The Social Dilemma

The Social Dilemma

Dear friends,

Happy new year!

It’s kinda funny that one of the cultural products of 2020 was called The Social Dilemma, because the same name might easily be put to the ongoing deliberations (/straight-up actual fist-fights) around how we all live with the covid19 pandemic, wherever we are in the world.

The Social Dilemma’s personal tips for reducing damage—don't spend hours on the Internet looking for entertainment, wait until children are of a certain age before allowing them to use social media, be cautious about sharing personal information—are pertinent, says Brazilian journalist Beatriz Carvalho, but poor representation in the film leaves the whole thing hugely wanting:

“The film has no Black representation at all and women have almost no voice” Carvalho wrote me in an email interview last year, noting that most of the leading voices are white men and that, in the family through which the film plays out its theory, “there is no resolution to the self-esteem crisis of a Black girl who suffers bullying on the internet when she posts a photo [and her] ears are compared to elephant ears”, while “the father, a Black man, is just ignored throughout the story”.

“And it proposes a white, American hero saviour which I also find quite excluding”, continued Carvalho, who is from São João De Meriti in the state of Rio de Janeiro, Brazil and is the founder of Mulheres de Frente (Women in Front), a digital empowerment initiative for girls and young women in favelas and peripheral towns.

“This guy writes a letter and changes the whole Google story? Very surreal” she added.

Our putative ‘hero’ is Google's former ‘design ethicist’ Tristan Harris—Carvalho hints that there may be other agents of change in addressing our shared, well, dilemma.

(Beatriz Carvalho has written a full appraisal of the film in this December 19 article for Agência de Notícias das Favelas, [Portuguese]).

To be sure, we’ve needed more accountability and creativity on the problems driven by the tech designers of Silicon Valley since immediately, it’s just that the film gives very little attention(!) to what a new publication launched in 2020 eponymously refers to as ‘Rest of World’. (Their mission is to “document what happens when technology, culture and the human experience collide, in places that are typically overlooked and underestimated.”)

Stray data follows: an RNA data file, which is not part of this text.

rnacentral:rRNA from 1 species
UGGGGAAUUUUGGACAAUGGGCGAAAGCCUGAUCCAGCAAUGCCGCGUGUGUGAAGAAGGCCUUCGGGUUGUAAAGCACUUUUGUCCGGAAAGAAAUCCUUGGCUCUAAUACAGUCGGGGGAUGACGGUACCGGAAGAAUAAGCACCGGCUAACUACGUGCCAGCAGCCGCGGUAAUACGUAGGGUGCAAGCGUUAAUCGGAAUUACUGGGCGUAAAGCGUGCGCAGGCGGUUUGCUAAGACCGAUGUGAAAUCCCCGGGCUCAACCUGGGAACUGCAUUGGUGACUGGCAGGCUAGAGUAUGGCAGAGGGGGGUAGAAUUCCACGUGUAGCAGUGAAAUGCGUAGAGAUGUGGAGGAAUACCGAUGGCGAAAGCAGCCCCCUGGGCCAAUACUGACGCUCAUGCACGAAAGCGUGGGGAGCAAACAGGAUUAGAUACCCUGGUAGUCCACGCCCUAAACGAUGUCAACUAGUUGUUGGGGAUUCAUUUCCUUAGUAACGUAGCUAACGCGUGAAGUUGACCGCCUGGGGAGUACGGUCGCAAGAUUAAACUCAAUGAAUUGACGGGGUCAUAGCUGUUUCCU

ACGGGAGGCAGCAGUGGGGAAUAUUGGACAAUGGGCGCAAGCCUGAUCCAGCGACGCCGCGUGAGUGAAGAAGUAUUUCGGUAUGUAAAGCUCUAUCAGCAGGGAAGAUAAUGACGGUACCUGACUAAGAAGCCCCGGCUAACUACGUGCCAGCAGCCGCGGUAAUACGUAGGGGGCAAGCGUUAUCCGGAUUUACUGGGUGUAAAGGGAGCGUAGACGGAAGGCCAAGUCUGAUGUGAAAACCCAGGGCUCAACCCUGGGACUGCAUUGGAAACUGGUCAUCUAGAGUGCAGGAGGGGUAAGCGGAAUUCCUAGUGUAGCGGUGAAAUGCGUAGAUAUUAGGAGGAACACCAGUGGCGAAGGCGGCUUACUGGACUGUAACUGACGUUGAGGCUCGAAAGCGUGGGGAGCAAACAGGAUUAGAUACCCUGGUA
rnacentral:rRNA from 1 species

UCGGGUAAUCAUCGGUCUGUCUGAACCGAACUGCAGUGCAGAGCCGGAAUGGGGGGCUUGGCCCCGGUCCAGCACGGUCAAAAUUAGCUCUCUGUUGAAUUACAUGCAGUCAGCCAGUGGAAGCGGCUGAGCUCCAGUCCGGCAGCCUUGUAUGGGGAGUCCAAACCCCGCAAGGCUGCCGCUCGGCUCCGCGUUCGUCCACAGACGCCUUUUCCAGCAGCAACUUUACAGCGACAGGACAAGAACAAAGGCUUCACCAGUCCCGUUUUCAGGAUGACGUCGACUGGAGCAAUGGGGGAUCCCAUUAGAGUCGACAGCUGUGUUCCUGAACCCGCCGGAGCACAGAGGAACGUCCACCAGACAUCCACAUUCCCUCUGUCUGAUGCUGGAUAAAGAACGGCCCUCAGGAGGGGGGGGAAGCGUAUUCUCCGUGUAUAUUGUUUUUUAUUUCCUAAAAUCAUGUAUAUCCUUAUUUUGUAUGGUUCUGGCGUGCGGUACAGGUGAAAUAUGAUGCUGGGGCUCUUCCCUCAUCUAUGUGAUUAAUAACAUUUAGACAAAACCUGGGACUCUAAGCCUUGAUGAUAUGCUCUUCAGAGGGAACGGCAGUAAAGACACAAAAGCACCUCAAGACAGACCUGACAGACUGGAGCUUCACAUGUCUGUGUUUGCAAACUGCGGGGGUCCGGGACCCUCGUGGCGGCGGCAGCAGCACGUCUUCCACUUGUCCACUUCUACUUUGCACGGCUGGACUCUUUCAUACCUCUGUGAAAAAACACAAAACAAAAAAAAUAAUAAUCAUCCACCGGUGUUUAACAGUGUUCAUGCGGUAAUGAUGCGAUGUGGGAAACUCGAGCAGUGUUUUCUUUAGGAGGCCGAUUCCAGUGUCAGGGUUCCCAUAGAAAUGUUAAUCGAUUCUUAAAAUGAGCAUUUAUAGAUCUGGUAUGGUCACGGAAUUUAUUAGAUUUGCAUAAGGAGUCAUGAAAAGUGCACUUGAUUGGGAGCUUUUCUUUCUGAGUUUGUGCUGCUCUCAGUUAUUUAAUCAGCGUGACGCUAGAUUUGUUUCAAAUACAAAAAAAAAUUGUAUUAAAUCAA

Nigerian journalist Alexander O. Onukwue says that “for a documentary proposing big-picture diagnoses of social media’s effect on the world, The Social Dilemma barely takes the 1.2 billion people in Africa into consideration.” Writing in African tech newsletter Techcabal, Onukwue goes on to suggest specific instances in which calls for regulation of social media in African countries have or would likely result in the same kind of government control and censorship that the film might have us escape.

Internet rights advocate Tarun Pratap opines for India’s Digital Empowerment Foundation (to which Facebook is listed as a partner on their website) that “the American docudrama” places blame on the business model behind social media (i.e. unfettered profit-making), whilst “[ignoring] the fact that modernizing success of America and … western society was built on the same business model of capitalism and the free market. The same system and the success that was detrimental to the global South. The only difference here is the impact is visibly on the North as well” says Pratap—“hence the worries” about social breakdown in western (/ ‘global North’) society.

Which is all also to say that despite its blanketing of social life, the effects of global corporate social media—like the covid19 pandemic—are uneven due to domination and control of resources by elites, and also experienced and grappled with by people and communities within the particularity of their circumstances with results that can’t be predicted by those elites. And while profit metrics are prized and their loot hoarded across algorithms and date lines in the manner of the current international system, for many the co-ordinates of staying alive, working to eat, and building steady inter-generational foundations are not much different than before.

I wonder for example if the family of Victorio Hilario Guzmán, an indigenous Mè pháá man and migrant from the mountains of Guerrero, Mexico who was killed in a hit-and-run while working for app-based food delivery company DoorDash in New York, might see some justice in the reformed Silicon Valley. His story was published by my colleague Vania Pigeonutt in Mexican independent media outlet Pie de Página as 2020 drew to a close (English translation by Martha Pskowski, NACLA); his family were already laid low by a shortfall in income attributed to the covid19 pandemic and are raising the costs of his repatriation and their legal challenges via GoFundMe.


The pic below is of a hand-lettered sign in the corner of a street-facing window on a house in the central Mexico City neighbourhood of Roma Norte, where there are many medical clinics and the national general hospital is also nearby. Sincere words, publicly communicated, within an unmitigated, preventable tragedy.

Till next time,


Thank you thank you, doctors, nurses, orderlies, drivers, administrative officers, those who risk their lives for ours, honor them, respect them, care for them ~ Protect yourself, protect me, use facemasks, COVID exists.

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Jamie Larson